The main leaderboard shows the results of only the class students, but as an extra motivation, there is an option to include the TA solutions. So, see how well your program can do. Compete early and often. Study how your solution plays in response to other students (and TAs) solutions and see if you can come up with a better algorithm. You will not be graded on your ranking in the competition, but you will definitely get bragging rights. [ACTUALLY, this isn't implemented yet - at the moment, all solutions including TAs are displayed].
Note that when you define your solution, you also have a mechanism to define the name that your solution will be posted under. You are free to use your real name, your class account, or an anonymous name of your choosing - so you aren't obligated to share your ranking with others. However, we will know who is who, so you may not use any name that is offensive or that implies that you are someone else.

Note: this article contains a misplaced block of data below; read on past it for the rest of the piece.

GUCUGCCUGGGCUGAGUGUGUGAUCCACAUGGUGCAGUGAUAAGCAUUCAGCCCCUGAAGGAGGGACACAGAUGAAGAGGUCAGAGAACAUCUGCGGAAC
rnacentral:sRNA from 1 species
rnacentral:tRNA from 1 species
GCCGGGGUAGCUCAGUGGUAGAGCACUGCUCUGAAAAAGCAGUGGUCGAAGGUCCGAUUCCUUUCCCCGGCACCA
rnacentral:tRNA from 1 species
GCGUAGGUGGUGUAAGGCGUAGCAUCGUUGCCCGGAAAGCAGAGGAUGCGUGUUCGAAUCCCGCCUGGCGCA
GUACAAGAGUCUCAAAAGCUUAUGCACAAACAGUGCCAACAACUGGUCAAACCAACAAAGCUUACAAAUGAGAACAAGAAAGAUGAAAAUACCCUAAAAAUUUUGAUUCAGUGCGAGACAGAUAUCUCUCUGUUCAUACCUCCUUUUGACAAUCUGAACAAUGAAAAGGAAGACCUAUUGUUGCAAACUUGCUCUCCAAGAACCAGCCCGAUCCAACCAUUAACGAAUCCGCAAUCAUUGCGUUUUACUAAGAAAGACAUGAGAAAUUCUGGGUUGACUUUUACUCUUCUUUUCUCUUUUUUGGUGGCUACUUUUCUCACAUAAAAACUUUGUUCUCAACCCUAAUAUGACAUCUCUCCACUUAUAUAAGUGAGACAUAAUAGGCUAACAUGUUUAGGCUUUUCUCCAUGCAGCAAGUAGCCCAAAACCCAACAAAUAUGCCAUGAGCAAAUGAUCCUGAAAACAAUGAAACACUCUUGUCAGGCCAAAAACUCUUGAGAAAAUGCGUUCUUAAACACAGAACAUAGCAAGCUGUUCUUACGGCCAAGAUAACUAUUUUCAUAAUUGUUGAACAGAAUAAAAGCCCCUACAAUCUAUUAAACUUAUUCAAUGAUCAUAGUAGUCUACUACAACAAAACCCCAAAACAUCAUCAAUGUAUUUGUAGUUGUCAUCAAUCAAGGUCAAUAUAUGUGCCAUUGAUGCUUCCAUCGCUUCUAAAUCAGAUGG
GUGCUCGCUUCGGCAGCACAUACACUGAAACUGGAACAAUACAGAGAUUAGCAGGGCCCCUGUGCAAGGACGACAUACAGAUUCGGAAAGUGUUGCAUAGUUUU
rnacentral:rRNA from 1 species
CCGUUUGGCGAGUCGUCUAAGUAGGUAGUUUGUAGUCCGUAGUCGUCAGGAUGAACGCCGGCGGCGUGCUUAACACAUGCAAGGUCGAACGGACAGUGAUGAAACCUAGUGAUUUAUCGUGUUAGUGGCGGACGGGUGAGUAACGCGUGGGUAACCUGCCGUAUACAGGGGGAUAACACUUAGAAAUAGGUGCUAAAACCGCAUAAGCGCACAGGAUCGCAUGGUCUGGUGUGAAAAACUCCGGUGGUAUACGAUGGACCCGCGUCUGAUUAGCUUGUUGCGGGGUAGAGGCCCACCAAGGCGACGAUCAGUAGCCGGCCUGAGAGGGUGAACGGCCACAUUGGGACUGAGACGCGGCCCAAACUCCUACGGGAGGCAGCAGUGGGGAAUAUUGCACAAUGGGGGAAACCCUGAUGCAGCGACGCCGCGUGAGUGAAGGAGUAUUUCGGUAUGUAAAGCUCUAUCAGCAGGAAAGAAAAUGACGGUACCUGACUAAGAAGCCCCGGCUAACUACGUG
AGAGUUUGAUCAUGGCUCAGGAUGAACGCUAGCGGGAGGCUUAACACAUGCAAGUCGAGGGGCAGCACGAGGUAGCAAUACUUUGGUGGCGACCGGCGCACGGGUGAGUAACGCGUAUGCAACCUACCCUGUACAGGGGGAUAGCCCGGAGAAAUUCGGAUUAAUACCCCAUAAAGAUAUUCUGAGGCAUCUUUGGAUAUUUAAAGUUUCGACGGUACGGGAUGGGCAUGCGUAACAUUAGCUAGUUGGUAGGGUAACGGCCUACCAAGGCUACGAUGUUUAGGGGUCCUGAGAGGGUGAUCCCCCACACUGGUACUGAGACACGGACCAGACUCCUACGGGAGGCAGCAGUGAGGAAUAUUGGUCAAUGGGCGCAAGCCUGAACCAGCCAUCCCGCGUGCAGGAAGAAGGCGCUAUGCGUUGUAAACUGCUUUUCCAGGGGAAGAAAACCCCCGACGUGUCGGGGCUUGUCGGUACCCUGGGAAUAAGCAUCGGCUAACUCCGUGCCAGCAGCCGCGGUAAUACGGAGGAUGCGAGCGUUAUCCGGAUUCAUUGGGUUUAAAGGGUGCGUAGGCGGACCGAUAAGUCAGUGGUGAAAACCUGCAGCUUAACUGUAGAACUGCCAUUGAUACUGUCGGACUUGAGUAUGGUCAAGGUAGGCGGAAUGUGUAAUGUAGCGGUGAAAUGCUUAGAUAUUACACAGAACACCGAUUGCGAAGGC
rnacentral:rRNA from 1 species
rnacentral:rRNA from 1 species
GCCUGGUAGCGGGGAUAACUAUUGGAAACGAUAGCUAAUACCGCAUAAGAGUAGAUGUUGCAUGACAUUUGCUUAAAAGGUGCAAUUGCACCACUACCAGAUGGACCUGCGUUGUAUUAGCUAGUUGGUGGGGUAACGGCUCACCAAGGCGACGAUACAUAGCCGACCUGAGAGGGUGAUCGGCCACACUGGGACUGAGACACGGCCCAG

Look at the Leaderboard to see current results.
Both games are structured around game state, which is simply the state of the board of the game at any given time. Tic Tac Toe, for instance, has a game state of 9 cells (organized in a 3x3 grid) which can each contain a space, an 'X' or an 'O'. The state can be represented as a simple string (which is simply the sequence of 9 characters for Tic Tac Toe), or can be printed in a prettier human readable form as a grid, which is useful for debugging. To play the game, your code will be able to play a legal move of the game. You do this by taking an instance of a class representing the game state, and modifying that state to represent your move. For any game, there are two essential parts to moving: